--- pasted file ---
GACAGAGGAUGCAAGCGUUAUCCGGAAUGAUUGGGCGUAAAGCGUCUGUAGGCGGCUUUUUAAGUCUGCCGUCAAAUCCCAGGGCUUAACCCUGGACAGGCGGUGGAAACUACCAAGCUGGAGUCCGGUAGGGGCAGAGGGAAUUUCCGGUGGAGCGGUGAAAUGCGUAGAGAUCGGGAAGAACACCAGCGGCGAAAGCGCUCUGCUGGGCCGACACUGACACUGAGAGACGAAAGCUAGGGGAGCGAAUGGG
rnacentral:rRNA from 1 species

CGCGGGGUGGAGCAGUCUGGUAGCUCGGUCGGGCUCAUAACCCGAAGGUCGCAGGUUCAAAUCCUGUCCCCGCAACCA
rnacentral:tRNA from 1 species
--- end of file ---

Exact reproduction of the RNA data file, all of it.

GACAGAGGAUGCAAGCGUUAUCCGGAAUGAUUGGGCGUAAAGCGUCUGUAGGCGGCUUUUUAAGUCUGCCGUCAAAUCCCAGGGCUUAACCCUGGACAGGCGGUGGAAACUACCAAGCUGGAGUCCGGUAGGGGCAGAGGGAAUUUCCGGUGGAGCGGUGAAAUGCGUAGAGAUCGGGAAGAACACCAGCGGCGAAAGCGCUCUGCUGGGCCGACACUGACACUGAGAGACGAAAGCUAGGGGAGCGAAUGGG
rnacentral:rRNA from 1 species

CGCGGGGUGGAGCAGUCUGGUAGCUCGGUCGGGCUCAUAACCCGAAGGUCGCAGGUUCAAAUCCUGUCCCCGCAACCA
rnacentral:tRNA from 1 species